It may sound distinctly familiar to anyone who's seen one particular all-time classic screwball comedy called His Girl Friday, but because it's the same eternally ripe material by the same Ben Hecht and Charles MacArthur, and because it's in the hands of one of the wittiest filmmakers of Hollywood's Golden Age, it all feels fresh. We escape right into the world of the Chicago press room of the 1920s where a few shy of a dozen case-hardened crime reporters lean on desks and play cards, snapping their suspenders and sputtering out the wet ends of their cigars. We are in a new generation of faces, look and style watching a movie made in 1974. But the talent in front of the camera includes the inimitable presence of Lemmon, Matthau, Charles Durning, Allen Garfield, Vincent Gardenia and Carol Burnett, as well as other duly fast-talking character actors. Were it not for the snappy energy and comic veteranship these performers bring to their roles, and Wilder's old-school deference to the primacy of the writing, The Front Page delivers virtually the same neat, fast-paced pick-me-up vibes as the quintessential classic wisecracking comedy and the quintessential classic picture about Chicago in the 1920s: About scoophungry police reporters, dishonest politicians, a fugitive who exhausts half the film hidden in a rolltop desk in the very press room where a parade of frantic folks are wearing out the subject of where he could be.
In His Girl Friday, Chicago was never ever named. In this version, Wilder reinstates direct inclusion of the Sheriff of Cook County, the Mayor of Chicago, the newspapers and so on. And there are no milquetoast newspaper fictions like the Chicago Globe. We are ingenuously stepping back in time and seeing all the real names, The Daily News, the Tribune, and actual front pages as well. I mean, sounds apt to me. Here, Wilder is a great storytelling pragmatist as always: The Front Page just couldn't be set in the present day. Journalism isn't like that anymore.
In those days, the days when Wilder himself was one of those half dozen or so stringers, he and they slipped any amount of bills, stayed up however many nights, punched however many keys it took to get a story, and never more so than in Chicago. I wonder if the Chicago reporters were more cynical because Chicago itself was more cynical and crooked. The nature of this breed of reporter is anchored in circulation wars and Hearst's yellow sins. The soul-crushing corruption and propaganda is ever present now, just more sophisticated, gentrified and spun well, where as in these times, it literally was a racket, and there probably wasn't a newspaper town in the country more aggressive and exhilarating than Chicago. This also gives the material leeway in pulling some pretty nifty little take-offs on fads of the time, such as Freudian psychiatry, as represented by the character of Dr. Eggelhofer, to whom everything seems to be a phallic symbol.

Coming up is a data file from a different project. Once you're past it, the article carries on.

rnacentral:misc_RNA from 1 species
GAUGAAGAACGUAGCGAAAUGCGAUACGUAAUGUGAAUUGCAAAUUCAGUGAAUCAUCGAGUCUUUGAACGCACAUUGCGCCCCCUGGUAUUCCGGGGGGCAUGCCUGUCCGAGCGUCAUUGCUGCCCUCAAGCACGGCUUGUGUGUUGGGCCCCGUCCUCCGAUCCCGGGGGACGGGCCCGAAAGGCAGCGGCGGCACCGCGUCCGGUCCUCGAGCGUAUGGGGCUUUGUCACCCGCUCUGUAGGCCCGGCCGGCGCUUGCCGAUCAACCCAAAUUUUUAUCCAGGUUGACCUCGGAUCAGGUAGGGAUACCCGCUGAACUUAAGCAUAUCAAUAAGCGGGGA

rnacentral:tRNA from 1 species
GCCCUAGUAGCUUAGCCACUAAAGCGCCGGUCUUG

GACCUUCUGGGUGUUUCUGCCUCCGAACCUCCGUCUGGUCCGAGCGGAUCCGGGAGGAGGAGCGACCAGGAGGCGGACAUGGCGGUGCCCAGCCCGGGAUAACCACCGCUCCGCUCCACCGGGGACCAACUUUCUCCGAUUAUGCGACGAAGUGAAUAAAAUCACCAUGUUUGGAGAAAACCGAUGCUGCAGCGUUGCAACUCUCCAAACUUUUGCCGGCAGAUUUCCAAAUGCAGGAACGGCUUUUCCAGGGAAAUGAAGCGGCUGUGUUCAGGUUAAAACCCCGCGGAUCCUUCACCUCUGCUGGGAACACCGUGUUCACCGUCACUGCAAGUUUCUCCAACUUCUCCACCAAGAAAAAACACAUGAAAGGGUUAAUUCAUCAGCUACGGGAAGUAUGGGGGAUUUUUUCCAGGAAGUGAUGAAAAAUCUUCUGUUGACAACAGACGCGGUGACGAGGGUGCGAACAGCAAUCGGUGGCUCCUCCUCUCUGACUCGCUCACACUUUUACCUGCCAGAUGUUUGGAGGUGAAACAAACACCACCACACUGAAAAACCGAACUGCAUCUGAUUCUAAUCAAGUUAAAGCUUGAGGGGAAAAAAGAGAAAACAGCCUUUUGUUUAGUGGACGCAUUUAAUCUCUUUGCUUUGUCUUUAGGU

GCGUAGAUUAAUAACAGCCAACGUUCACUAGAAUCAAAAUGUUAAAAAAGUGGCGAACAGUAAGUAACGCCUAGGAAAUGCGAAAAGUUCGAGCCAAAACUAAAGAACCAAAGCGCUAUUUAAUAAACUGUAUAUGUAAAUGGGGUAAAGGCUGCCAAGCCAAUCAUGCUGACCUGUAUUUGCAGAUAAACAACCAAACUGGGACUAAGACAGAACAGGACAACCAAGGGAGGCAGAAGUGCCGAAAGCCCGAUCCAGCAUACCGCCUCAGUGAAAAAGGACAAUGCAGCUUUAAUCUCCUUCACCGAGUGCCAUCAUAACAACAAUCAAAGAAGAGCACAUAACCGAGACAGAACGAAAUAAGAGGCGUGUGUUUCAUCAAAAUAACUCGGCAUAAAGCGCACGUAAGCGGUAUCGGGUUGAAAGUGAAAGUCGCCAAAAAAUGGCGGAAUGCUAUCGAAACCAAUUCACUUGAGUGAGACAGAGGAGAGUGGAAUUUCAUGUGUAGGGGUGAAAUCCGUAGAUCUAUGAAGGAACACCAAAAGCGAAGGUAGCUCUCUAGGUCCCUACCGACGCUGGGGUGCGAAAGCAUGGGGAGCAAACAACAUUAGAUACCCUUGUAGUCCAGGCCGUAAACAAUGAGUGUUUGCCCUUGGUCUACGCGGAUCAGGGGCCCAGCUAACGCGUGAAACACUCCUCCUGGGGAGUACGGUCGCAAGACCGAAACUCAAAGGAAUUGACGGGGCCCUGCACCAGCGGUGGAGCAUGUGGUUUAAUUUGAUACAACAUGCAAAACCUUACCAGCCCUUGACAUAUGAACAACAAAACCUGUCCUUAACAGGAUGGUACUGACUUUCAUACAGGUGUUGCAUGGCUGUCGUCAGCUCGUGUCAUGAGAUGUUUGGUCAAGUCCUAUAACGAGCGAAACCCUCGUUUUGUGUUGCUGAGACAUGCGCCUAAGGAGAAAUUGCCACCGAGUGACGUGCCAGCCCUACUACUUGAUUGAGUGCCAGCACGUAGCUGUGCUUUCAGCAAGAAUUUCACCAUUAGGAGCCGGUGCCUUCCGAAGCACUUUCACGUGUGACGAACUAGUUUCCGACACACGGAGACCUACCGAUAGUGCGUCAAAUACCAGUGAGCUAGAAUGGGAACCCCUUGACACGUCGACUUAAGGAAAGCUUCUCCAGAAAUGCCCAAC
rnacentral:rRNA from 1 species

Wilder and his long-time screen writing partner I.A.L. Diamond sprinkle in a few allusions to other major scoops of the era, like the New York Daily News photos of Ruth Judd in the electric chair and the Leopold-Loeb case. Oh and of course the Chicago fire, which the gang of newspaper bloodhounds insist to their contacts isn't as big a story as the one about the escapee. But on the whole, Wilder and Diamond are careful what they change, and not much has been. The original basic structure of The Front Page is as sturdy as any drum-tight, bullet-paced farce. You can't change or even anachronize the death-row escapee hiding in the desk. Austin Pendleton's nebbishy version is no better than John Qualen in His Girl Friday, just an inimitable variation.
And when there are changes, like the addition of a bullied baby-face rookie reporter, we realize we're not watching a farce of the same economy and crispness like those in the time of Hawks and McCarey. It's such a more modern touch to add this figure simply to underline the veterans' contempt for the naïve collegians that it's almost like peering behind the magician's curtain. Regardless, we are watching Wilder and Diamond handling Hecht and Macarthur, and the razor-sharp exchanges, the tempo and the structure have been upheld. You could sum up the whole gist of the movie in the most transitory moments, when the flock of correspondents dashes to the windows, searchlights seek and sirens screech, and the reporters dash back to their candlestick teleophones and bark the tried and true standbys: "Give me city desk!" "Stop the presses!" "Tear up the front page!" "We've located Williams! This time for real!"
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